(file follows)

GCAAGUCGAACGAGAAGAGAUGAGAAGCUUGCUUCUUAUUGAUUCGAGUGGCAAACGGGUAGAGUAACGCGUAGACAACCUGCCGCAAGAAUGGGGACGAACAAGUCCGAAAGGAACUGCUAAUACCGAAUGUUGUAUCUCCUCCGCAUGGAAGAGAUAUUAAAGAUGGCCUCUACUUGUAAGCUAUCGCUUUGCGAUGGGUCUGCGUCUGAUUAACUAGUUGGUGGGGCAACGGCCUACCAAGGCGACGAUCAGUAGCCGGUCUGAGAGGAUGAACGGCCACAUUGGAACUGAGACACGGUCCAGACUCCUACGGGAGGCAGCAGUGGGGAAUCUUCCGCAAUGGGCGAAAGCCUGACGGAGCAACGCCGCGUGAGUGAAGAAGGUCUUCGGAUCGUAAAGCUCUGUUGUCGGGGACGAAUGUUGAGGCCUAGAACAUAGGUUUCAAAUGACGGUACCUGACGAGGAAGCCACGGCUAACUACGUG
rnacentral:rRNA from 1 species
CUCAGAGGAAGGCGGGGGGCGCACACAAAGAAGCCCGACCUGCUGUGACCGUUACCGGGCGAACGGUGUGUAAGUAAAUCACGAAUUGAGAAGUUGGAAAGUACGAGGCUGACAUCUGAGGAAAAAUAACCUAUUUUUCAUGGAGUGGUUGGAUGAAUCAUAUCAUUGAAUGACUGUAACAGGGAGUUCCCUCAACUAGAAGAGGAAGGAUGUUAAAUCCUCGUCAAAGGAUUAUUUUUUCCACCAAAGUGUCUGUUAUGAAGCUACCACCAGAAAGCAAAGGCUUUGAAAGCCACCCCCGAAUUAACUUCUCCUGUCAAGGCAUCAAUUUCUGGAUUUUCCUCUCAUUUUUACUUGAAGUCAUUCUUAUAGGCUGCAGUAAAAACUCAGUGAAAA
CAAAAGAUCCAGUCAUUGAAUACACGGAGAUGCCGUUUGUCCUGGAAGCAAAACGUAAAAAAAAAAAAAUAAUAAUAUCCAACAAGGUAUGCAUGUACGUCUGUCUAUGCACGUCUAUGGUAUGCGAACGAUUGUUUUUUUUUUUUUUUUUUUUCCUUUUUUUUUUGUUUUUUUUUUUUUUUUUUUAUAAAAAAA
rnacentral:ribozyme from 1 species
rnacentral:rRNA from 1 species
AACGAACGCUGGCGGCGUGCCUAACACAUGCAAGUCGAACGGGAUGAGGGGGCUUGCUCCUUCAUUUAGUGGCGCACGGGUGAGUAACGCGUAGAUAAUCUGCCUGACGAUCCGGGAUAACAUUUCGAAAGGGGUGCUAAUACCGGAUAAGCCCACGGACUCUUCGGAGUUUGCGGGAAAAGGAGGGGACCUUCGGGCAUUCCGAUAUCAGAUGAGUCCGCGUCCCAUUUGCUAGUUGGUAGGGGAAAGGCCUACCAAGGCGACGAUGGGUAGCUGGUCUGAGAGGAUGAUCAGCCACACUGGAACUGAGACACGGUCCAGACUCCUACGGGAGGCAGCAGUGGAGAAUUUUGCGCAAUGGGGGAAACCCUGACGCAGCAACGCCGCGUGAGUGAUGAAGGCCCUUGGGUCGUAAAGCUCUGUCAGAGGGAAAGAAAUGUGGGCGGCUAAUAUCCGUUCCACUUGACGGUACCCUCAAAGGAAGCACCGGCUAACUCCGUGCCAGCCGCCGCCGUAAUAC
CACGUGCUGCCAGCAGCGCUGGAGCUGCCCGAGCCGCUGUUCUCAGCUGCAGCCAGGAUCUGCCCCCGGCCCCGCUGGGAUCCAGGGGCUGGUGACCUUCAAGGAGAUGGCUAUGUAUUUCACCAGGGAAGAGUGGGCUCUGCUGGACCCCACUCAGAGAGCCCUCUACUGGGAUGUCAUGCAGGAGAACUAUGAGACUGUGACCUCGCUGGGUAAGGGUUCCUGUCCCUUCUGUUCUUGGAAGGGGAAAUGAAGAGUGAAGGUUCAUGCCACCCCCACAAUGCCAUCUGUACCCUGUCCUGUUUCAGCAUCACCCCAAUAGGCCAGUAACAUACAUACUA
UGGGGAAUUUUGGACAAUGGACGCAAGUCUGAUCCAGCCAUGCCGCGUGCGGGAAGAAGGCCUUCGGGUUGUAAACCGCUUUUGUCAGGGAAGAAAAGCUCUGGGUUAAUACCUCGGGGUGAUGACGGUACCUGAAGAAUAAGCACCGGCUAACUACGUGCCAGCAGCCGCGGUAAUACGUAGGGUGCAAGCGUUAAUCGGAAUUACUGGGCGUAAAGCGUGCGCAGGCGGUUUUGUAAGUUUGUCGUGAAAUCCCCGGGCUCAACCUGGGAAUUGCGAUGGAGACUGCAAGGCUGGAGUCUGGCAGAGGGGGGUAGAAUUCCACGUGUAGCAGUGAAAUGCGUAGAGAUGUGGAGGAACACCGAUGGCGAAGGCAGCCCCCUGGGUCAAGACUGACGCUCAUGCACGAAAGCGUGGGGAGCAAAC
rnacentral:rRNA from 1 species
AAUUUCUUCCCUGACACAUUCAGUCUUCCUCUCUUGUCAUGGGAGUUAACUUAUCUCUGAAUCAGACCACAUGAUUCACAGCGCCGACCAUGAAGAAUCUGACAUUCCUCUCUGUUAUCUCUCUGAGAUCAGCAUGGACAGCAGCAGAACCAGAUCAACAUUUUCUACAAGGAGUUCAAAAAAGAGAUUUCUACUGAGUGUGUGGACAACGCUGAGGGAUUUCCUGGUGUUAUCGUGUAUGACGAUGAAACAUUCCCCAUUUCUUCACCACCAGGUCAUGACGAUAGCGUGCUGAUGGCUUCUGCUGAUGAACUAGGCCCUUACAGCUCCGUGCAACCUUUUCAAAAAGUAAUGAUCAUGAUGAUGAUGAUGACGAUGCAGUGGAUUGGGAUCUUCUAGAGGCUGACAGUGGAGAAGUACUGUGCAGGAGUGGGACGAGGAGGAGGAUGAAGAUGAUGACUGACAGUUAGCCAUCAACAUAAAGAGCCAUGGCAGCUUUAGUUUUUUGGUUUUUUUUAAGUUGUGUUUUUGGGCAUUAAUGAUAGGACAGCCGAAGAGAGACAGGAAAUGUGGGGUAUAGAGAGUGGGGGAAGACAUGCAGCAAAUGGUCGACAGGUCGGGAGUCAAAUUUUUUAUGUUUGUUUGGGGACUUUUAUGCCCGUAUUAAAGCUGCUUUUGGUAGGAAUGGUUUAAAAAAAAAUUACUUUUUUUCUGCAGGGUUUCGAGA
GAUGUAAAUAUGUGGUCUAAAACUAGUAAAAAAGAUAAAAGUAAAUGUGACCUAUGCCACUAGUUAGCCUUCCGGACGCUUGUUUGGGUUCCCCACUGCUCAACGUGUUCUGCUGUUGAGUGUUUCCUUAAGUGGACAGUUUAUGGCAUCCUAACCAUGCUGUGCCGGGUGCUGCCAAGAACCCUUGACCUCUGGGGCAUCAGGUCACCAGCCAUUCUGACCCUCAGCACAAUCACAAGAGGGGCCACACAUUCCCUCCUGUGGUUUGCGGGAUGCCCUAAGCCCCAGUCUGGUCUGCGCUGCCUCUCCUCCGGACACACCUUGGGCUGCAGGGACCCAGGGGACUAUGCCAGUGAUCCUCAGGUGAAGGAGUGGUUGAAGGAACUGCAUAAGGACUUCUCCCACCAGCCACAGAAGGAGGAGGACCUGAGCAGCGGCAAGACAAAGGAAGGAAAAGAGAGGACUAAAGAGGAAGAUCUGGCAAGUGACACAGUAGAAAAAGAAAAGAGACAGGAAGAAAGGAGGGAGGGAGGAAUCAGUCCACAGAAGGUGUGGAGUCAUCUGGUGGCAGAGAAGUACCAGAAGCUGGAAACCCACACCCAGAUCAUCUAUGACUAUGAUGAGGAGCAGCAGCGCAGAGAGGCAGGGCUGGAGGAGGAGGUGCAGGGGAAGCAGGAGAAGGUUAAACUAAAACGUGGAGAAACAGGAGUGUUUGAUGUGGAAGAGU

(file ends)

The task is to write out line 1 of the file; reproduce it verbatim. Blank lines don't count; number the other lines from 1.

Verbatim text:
GCAAGUCGAACGAGAAGAGAUGAGAAGCUUGCUUCUUAUUGAUUCGAGUGGCAAACGGGUAGAGUAACGCGUAGACAACCUGCCGCAAGAAUGGGGACGAACAAGUCCGAAAGGAACUGCUAAUACCGAAUGUUGUAUCUCCUCCGCAUGGAAGAGAUAUUAAAGAUGGCCUCUACUUGUAAGCUAUCGCUUUGCGAUGGGUCUGCGUCUGAUUAACUAGUUGGUGGGGCAACGGCCUACCAAGGCGACGAUCAGUAGCCGGUCUGAGAGGAUGAACGGCCACAUUGGAACUGAGACACGGUCCAGACUCCUACGGGAGGCAGCAGUGGGGAAUCUUCCGCAAUGGGCGAAAGCCUGACGGAGCAACGCCGCGUGAGUGAAGAAGGUCUUCGGAUCGUAAAGCUCUGUUGUCGGGGACGAAUGUUGAGGCCUAGAACAUAGGUUUCAAAUGACGGUACCUGACGAGGAAGCCACGGCUAACUACGUG